An interactive exploration of media, terrorism and us.
On September 5th, 1972, the tenth day of the Munich Olympics, Palestinian terrorist group Black September stormed the Israeli athletes’ quarters. Four women were directly impacted that day, their lives transformed by the trauma. This is the story in Francine Zimmerman’s documentary, After Munich.
Friends & Enemies partnered with Z Films and CBC Documentary to create a companion digital experience for the documentary.
With an event that occurred more than 45 years ago, the enemy was a lack of relevance. We needed to create an experience that mattered to younger audiences who weren’t alive for the Munich Massacre.
The film reveals that for the first time in history, a terrorist attack was broadcast live. Today, we are accustomed to watching attacks live, in fact, we often create the content with our phones.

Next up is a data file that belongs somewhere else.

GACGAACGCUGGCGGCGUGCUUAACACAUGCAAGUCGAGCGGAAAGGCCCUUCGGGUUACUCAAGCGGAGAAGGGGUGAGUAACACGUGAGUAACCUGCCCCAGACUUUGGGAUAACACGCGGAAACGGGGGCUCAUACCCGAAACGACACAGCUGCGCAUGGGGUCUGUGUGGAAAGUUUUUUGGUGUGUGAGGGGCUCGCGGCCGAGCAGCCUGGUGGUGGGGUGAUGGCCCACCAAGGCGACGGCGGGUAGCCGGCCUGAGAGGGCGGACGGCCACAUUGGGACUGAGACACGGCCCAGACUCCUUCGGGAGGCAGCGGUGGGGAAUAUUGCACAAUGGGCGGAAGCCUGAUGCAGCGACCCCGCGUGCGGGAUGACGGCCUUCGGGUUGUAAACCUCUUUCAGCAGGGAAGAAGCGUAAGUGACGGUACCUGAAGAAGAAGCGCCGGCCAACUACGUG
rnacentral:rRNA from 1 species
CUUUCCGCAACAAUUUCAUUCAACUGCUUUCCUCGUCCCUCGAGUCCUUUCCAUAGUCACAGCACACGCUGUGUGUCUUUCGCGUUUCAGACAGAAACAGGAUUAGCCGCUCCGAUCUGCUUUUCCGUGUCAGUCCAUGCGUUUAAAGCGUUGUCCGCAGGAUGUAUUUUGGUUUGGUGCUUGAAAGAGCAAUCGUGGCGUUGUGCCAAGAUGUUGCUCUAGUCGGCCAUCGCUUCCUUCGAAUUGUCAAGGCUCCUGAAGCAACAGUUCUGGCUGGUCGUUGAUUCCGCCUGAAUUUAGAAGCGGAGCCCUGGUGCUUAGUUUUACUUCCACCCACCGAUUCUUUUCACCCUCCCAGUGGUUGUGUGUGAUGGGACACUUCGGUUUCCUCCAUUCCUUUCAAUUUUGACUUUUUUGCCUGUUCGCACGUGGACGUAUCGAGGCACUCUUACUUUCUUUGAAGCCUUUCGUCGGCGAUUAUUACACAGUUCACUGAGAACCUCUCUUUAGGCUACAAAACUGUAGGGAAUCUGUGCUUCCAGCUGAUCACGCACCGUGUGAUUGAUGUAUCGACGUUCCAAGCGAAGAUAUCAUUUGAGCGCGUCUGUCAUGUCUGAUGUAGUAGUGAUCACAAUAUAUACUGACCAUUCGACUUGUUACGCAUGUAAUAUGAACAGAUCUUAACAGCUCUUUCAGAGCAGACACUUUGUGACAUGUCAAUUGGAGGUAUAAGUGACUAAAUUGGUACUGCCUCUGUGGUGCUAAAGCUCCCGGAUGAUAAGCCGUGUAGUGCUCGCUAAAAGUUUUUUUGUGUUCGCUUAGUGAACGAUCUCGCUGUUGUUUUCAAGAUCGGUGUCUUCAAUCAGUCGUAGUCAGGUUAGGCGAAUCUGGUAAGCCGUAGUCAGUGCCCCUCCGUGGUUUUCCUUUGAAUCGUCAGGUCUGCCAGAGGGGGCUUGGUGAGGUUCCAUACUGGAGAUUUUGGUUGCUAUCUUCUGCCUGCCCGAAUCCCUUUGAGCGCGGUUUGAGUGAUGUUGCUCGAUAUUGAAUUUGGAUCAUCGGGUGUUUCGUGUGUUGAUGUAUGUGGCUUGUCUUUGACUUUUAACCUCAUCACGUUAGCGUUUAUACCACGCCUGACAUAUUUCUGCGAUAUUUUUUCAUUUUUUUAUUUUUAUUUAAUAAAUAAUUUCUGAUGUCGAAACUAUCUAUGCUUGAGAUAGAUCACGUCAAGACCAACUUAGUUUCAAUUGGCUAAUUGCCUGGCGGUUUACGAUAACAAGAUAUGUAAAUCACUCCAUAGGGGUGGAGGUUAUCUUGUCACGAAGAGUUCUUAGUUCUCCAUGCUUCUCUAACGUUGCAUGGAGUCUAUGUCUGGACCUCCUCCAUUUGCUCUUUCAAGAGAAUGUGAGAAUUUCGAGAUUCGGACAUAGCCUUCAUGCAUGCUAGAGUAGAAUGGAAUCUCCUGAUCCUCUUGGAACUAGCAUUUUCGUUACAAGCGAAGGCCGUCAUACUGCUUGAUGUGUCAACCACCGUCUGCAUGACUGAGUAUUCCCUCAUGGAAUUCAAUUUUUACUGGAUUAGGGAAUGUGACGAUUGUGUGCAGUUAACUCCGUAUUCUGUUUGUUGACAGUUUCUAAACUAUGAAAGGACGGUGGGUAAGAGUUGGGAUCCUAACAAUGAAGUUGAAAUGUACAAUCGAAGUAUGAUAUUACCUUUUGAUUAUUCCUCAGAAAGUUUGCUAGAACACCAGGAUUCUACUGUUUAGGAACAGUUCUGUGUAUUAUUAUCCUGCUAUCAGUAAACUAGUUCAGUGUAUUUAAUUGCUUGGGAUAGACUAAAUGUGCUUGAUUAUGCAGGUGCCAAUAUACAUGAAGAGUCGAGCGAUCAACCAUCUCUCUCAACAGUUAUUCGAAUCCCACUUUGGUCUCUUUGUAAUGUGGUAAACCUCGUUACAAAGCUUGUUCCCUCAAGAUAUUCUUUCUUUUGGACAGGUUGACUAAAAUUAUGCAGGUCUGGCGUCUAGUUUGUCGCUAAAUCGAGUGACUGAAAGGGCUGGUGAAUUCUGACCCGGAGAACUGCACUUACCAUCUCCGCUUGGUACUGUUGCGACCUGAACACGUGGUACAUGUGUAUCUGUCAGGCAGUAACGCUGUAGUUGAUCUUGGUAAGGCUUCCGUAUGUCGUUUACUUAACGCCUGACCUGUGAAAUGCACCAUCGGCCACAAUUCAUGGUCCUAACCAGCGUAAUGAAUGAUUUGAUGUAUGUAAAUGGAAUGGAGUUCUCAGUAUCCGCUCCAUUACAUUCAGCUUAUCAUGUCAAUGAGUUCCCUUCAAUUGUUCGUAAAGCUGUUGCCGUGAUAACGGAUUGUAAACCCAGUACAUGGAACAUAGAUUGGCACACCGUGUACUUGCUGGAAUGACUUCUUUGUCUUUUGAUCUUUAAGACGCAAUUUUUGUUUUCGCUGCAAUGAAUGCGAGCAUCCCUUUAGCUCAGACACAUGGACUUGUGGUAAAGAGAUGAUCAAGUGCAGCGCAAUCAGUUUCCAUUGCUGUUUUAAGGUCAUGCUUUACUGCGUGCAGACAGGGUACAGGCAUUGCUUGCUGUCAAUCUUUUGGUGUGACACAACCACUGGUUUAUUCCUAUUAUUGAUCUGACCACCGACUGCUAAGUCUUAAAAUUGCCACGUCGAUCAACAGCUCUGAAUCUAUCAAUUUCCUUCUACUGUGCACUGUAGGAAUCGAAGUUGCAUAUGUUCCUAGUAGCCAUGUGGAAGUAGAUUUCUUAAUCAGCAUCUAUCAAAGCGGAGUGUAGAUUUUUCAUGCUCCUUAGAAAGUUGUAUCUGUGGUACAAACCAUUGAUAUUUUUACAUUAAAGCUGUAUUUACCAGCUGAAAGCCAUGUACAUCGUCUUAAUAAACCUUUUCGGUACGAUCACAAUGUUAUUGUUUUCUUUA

For the digital experience, we leaned on this notion — that since Munich, terrorism has seeped deeper and deeper into our lives. Munich started a chain reaction, where terrorism, the media and us the viewer have moved closer together.
In 3 chapters, we unraveled the past and discuss the trauma and lasting impacts years of viewing terrorism has had on audiences, like millennials.
Within each chapter, users move between original videos, created by Friends & Enemies and 9 editorial articles, written by Friends & Enemies. At the end of each article and within social, we ask questions about the state of the world, and where we’ll go next as a society.
As a whole, the experience gives new audiences an understanding of the Munich Massacre and its relevance to their daily lives.